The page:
Tuesday, July 17, 2012

1st Annual Public Education Advocacy

Thursday, July 26, 2012

12:00 p.m. - 2:00 p.m.

for the upcoming

League City/Dickinson Town Meeting

September, League City Civic Center
Facilitator: Tanya Davis, M.Ed.


Children with Challenging Behavior
Pre-qualified Children with Special Needs
Children with Nutrition Deficiencies
Parenting Advice
Parent/Teacher Effective Collaboration

Empowering Parents with Knowledge!!!

Director's Training Event: NAEYC Accreditation...Eliminating Rumors, Myths & Fears

Thursday, September 13, 2012

Time: 12:00 p.m. – 2:00 p.m.
2 clock hours of training

Facilitator: Tanya Davis, M.Ed.

Guest Speakers: 
The University of Houston Clear Lake

Register today by calling....
Lunch provided by Dr. Kevin Davis @ ProHealth Family Chiropractic
To be held at: Wee Care Services, 703 E. Walker, League City, TX 77573

Monday, July 16, 2012

Director's Training Event: Food Program....Eliminating Rumors, Myths & Fears

Thursday, August 9, 2012

Time: 12:00 p.m. – 2:00 p.m.
2 clock hours of training

 Facilitator:  Tanya Davis, M.Ed.

Guest Speaker: 
Michael Patterson
Program Specialist
The Texas Department of Agriculture

Register today by calling....
Lunch provided by Dr. Kevin Davis @ ProHealth Family Chiropractic
League City, TX

To be held at:  Wee Care Services, 703 E. Walker, League City, TX 77573

Saturday, July 14, 2012

The Story That Started My Journey

I was just a mother visiting a school.... 

While visiting an elementary school in Kemah, Texas, I witnessed firsthand what I found in my research to be common practice used in this country to maintain school order for the sake of academic success.  During my visit, I sat next to two young boys in the school’s office.  The two unruly boys, referred for discipline, were squirming in their seats when the school secretary unpleasantly said to another office assistant, “I know what will “fix” them.”  She then glares at one of the two boys and says, “Do you want to go to the room?”  The two boys immediately sat straight up.  Not fully realizing the situation, I gathered my belonging and left.  Upon a second visit to the same school, I heard a boy’s cries and screams coming from a back office.  “No, no, don’t put me in there!” he yelled.  This time, I questioned the unpleasant secretary and was told that children were placed in a room as punishment for various indiscretions.  Upon further investigation, I realized the room was not just any room.  The room was a closet size room with carpeted walls, enclosed by a heavy door and a tiny window on the door.  I was told that some children sat in the room for hours. Some children were made to eat lunch in the tiny room.  Sometimes the door was shut and sometimes the door was locked.  The room was used for punishment as well as a place for “distracted” children to complete their work.  I walked by the room and saw a small desk, a lunch tray, and a small, brown skinned boy staring into the carpeted wall.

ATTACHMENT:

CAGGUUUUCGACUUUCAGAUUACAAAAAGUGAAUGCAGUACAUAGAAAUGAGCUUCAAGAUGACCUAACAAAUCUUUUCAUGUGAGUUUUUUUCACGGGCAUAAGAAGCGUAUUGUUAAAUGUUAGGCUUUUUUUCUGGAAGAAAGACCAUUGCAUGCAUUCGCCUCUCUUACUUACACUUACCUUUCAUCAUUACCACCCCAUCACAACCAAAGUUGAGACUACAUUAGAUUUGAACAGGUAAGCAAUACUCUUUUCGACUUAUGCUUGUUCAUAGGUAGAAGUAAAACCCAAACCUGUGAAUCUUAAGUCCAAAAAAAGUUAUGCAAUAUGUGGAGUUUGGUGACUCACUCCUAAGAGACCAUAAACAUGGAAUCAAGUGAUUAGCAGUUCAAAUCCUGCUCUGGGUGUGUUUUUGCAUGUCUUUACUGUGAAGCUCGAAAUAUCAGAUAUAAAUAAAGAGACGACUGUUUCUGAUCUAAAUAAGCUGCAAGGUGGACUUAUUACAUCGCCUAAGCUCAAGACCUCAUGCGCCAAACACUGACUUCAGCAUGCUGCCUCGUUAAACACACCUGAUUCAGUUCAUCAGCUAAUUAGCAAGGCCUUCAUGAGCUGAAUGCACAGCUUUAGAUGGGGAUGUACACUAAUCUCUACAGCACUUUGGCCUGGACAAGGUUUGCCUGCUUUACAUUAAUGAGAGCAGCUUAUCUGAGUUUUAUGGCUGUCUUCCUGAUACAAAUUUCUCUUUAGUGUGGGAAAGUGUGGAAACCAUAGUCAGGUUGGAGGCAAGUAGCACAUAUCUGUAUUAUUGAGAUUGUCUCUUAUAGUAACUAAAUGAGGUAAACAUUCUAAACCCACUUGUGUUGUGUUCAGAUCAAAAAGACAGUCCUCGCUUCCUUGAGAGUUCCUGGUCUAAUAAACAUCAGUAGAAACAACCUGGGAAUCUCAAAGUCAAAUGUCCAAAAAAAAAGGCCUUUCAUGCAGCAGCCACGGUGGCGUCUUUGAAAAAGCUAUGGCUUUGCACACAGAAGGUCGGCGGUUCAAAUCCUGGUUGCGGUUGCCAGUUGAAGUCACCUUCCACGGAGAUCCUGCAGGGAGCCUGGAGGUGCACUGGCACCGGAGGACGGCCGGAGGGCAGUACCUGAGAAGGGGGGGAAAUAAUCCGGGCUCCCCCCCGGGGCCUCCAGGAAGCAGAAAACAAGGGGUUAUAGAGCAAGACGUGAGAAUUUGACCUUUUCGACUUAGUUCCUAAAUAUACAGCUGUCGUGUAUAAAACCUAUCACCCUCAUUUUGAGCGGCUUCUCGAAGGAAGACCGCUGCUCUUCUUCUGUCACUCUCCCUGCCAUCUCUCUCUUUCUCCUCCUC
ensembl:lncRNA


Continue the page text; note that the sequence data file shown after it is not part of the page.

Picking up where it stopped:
The school implementing such drastic discipline measures is part of a top notch, well sought out school district in South Texas.  It is a beautiful, “blue ribbon” school that serves many of the districts, low income, ESL students and it stands in an upper middle class neighborhood.  I questioned the discipline procedure with the nice, attractive, well dressed, well educated principle of the school and her response was, “What are we supposed to do with children who misbehave or “refuse” to do their work?  This is all we have.”  I sat and stared at her for a moment, fully realizing that I did not have the answer to her question. The only thing I did know was that my gut told me there was something better for these children. With that in mind, my response was, "I don't know what you are supposed to do, but I will find out." 
This incident started my five year education journey. I was blessed to have amazing professors at the University of Houston Clear Lake; they gave me the opportunity to devote nearly my entire graduate career to effective school discipline and social emotional learning.  Today, I stand confident that I have the answers, and I will use every bit of energy that God gives me to educate parents, teachers and administrators for change.   
I do not fault the nice lady because it was apparent to me that she did not have ill intentions.  Nevertheless, her lack of creative solutions to promote academic achievement and her reliance on outdated traditional methods of discipline have been proven by an extensive amount of research to be ineffective and demoralizing to children. They have also been proven costly to humanity and society.  With this in mind, parents and educators have a moral and ethical obligation to work for change.  We must make the decision to hold ourselves and each other to higher standards for the greater good of mankind.